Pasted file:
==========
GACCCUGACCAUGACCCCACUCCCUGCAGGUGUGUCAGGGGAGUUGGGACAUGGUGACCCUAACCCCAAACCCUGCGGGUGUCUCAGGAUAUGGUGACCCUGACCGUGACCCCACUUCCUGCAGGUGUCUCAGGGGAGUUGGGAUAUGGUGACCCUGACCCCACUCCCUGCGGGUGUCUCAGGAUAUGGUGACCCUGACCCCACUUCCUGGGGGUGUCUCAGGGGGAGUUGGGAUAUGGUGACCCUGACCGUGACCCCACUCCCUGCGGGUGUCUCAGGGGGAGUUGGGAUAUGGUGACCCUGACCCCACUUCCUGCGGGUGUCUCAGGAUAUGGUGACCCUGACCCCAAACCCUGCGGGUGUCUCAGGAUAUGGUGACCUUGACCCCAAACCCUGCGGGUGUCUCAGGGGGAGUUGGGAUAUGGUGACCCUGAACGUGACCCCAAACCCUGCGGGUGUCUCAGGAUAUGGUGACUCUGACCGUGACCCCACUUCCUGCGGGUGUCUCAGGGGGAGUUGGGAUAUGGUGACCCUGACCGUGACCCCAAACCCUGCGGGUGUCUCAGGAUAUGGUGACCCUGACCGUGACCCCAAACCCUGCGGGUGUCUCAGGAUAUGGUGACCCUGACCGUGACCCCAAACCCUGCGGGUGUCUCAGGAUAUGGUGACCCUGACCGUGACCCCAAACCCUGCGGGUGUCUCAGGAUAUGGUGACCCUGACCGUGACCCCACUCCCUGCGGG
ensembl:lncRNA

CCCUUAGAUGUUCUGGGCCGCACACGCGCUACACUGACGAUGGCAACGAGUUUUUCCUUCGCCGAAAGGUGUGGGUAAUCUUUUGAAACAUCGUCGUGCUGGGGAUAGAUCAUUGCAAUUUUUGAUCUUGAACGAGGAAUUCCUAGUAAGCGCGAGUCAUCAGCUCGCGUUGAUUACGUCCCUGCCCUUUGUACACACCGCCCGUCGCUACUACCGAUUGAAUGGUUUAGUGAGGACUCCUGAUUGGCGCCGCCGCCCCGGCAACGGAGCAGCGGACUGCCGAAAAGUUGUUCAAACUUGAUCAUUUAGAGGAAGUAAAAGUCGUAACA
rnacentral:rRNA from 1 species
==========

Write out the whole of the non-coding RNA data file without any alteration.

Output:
GACCCUGACCAUGACCCCACUCCCUGCAGGUGUGUCAGGGGAGUUGGGACAUGGUGACCCUAACCCCAAACCCUGCGGGUGUCUCAGGAUAUGGUGACCCUGACCGUGACCCCACUUCCUGCAGGUGUCUCAGGGGAGUUGGGAUAUGGUGACCCUGACCCCACUCCCUGCGGGUGUCUCAGGAUAUGGUGACCCUGACCCCACUUCCUGGGGGUGUCUCAGGGGGAGUUGGGAUAUGGUGACCCUGACCGUGACCCCACUCCCUGCGGGUGUCUCAGGGGGAGUUGGGAUAUGGUGACCCUGACCCCACUUCCUGCGGGUGUCUCAGGAUAUGGUGACCCUGACCCCAAACCCUGCGGGUGUCUCAGGAUAUGGUGACCUUGACCCCAAACCCUGCGGGUGUCUCAGGGGGAGUUGGGAUAUGGUGACCCUGAACGUGACCCCAAACCCUGCGGGUGUCUCAGGAUAUGGUGACUCUGACCGUGACCCCACUUCCUGCGGGUGUCUCAGGGGGAGUUGGGAUAUGGUGACCCUGACCGUGACCCCAAACCCUGCGGGUGUCUCAGGAUAUGGUGACCCUGACCGUGACCCCAAACCCUGCGGGUGUCUCAGGAUAUGGUGACCCUGACCGUGACCCCAAACCCUGCGGGUGUCUCAGGAUAUGGUGACCCUGACCGUGACCCCAAACCCUGCGGGUGUCUCAGGAUAUGGUGACCCUGACCGUGACCCCACUCCCUGCGGG
ensembl:lncRNA

CCCUUAGAUGUUCUGGGCCGCACACGCGCUACACUGACGAUGGCAACGAGUUUUUCCUUCGCCGAAAGGUGUGGGUAAUCUUUUGAAACAUCGUCGUGCUGGGGAUAGAUCAUUGCAAUUUUUGAUCUUGAACGAGGAAUUCCUAGUAAGCGCGAGUCAUCAGCUCGCGUUGAUUACGUCCCUGCCCUUUGUACACACCGCCCGUCGCUACUACCGAUUGAAUGGUUUAGUGAGGACUCCUGAUUGGCGCCGCCGCCCCGGCAACGGAGCAGCGGACUGCCGAAAAGUUGUUCAAACUUGAUCAUUUAGAGGAAGUAAAAGUCGUAACA
rnacentral:rRNA from 1 species